This topic was recently presented at the WICPA conference and the audience was asked: "What bands have stood the test of time?" Answers included: the Beatles, the Doors, and U2. Lady Gaga did not make the cut. All great answers, but they overlooked one significant one: KISS!
Of course that was greeted with some chuckles. However, they were huge in the 1970s and early 1980s, were on the brink of extinction, went back to managing their core brand, and now are as big as ever. The master of brand management, and a surprisingly successful businessman, is KISS icon Gene Simmons. His branding includes the band, his own reality show, books, a "Celebrity Apprentice" appearance and an entire Diet Dr. Pepper™ campaign. More than any other band, KISS has consciously managed their brand and now are familiar to a second generation of fans!
The job market has been tough and, although in recovery, it is critical you think about your brand, manage it, and differentiate yourself. I am not recommending wearing makeup, platform shoes, and sticking your tongue out at employers. You should think in terms of your resume and scrutinize it, not just for errors but for holes. Key areas still include your grade point average, work experience, and other activities. You also need to think in terms of what others think about your entire personal brand.
Your brand really is what others view it to be. What do your professors say about you? Your peers? Those who graduated ahead of you?
Unless it is your last semester, it is never too late to impact your grades. Even if your freshman year was a little too fun, you can recover. Your standard test scores as well as your major grade point average (GPA) often are looked at to tell the story of your ability to grasp issues that are more technical. Academics are often a knockout criteria. If your grades are not high enough, some employers automatically pass on you, especially if they have not met you or know little else about your brand.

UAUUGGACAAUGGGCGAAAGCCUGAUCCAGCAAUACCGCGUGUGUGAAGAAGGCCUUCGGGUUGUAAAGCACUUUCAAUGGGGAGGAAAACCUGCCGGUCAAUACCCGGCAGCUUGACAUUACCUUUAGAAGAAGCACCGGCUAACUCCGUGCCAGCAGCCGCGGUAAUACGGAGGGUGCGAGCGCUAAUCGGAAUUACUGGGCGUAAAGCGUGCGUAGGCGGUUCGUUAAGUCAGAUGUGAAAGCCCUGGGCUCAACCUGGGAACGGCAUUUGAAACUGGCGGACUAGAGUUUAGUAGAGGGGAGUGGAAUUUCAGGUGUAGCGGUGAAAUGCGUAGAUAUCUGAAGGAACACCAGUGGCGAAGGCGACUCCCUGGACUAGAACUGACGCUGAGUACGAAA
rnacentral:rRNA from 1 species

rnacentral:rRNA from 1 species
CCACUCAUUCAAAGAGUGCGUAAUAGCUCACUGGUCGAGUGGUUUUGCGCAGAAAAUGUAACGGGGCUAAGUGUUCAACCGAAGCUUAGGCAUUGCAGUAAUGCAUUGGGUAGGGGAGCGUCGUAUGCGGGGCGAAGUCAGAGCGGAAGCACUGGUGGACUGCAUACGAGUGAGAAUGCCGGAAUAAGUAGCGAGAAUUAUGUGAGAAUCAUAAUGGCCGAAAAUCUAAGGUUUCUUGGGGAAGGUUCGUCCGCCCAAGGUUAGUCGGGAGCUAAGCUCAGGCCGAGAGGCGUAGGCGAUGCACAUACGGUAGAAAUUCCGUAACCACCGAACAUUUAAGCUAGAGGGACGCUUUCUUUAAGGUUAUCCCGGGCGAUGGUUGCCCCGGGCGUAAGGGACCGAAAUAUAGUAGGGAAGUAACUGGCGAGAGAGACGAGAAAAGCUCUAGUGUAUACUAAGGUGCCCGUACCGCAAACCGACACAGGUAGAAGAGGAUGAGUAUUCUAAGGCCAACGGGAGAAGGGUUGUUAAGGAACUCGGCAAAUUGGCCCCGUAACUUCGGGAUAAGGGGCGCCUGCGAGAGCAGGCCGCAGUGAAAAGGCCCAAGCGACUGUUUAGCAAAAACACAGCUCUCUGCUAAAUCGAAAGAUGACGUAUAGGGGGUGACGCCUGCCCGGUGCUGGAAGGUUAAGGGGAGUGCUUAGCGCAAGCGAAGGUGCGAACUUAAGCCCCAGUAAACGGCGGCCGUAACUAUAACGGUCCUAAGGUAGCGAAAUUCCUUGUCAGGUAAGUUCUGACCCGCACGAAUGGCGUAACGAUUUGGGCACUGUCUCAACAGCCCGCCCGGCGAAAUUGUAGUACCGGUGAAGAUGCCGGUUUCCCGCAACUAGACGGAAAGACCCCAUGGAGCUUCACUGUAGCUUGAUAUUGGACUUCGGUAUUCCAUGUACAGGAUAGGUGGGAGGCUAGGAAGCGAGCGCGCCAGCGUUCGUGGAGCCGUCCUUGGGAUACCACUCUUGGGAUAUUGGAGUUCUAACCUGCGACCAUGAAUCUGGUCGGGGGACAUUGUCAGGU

Work experience is critical — you may need to get one internship that leads to another internship, and then into the full-time opportunity. Having work experience of any kind sends a message about your work ethic, gives you experiences to draw from to answer interview questions later, and ultimately helps you land a relevant internship. If you are still early in your college career, be sure you know the details of how your school handles internships. For example, some programs channel all internships through their five-year programs, and if that isn’t your plan, you need to address that now.
Internships are no longer simply a way to get experience. Many organizations are filling all of their full-time needs through their intern programs, so missing that process often means missing out on a full-time opportunity. In discussing the availability of internships in a recovering economy, Lois Flad, senior associate director of placement at University of Wisconsin—Madison School of Business said, "Internships are there, but the competition for getting internships is tremendous. Full-time candidates are willing to take internships to gain a foot in the door. So the interns are not only competing with other interns, they are also competing with the rest of the labor market seeking a position. It is crucial the interns bring their ‘A’ game!"
Bring your ‘A’ game so you earn a full-time offer. You may look at other opportunities, but it is nice to know you have one offer in the bag! If you miss the internship process or attend a school that does not have one, do not give up on the dream job. You just have to work harder to sell your brand.
Your other activities also say a lot about you. Don’t just sign up to put things on your resume, get involved. Whether it’s a social group or a business club, actively participate.
Your brand really is what others view it to be. What do your professors say about you? Your peers? Those who graduated ahead of you? Are you the student who sleeps in class, or are you the student who elevates others and shows leadership? If you go to a company sponsored event, take advantage of it. Do not use it as a time to text your buddies about your weekend plans. Recruiters use input from a variety of sources, so interviews become a formality. Additional input comes from career fairs, presentations at student organizations, and even greeters sitting in the interviewing waiting room.
Social media’s impact on your brand is tremendous. Employers not only build their brand online, but use social media as another source of information about you. I recently found someone on Facebook whose only "interest" was "to party like a rock star." I love the honesty, but probably not the ideal first impression. Other social media tools, such as LinkedIn, are extremely important as a part of promoting your brand.
Whether or not you think about your brand, you have one. Consciously think about it, understand it, and build on its strengths to differentiate yourself.